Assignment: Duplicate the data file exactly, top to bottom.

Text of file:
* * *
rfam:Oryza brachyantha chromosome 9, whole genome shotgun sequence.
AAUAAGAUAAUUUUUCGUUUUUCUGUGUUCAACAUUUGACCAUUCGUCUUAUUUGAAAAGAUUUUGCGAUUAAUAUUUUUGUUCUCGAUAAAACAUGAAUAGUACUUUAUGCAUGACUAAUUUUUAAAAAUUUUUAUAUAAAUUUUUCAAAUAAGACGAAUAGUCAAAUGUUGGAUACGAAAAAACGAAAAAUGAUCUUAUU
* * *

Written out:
rfam:Oryza brachyantha chromosome 9, whole genome shotgun sequence.
AAUAAGAUAAUUUUUCGUUUUUCUGUGUUCAACAUUUGACCAUUCGUCUUAUUUGAAAAGAUUUUGCGAUUAAUAUUUUUGUUCUCGAUAAAACAUGAAUAGUACUUUAUGCAUGACUAAUUUUUAAAAAUUUUUAUAUAAAUUUUUCAAAUAAGACGAAUAGUCAAAUGUUGGAUACGAAAAAACGAAAAAUGAUCUUAUU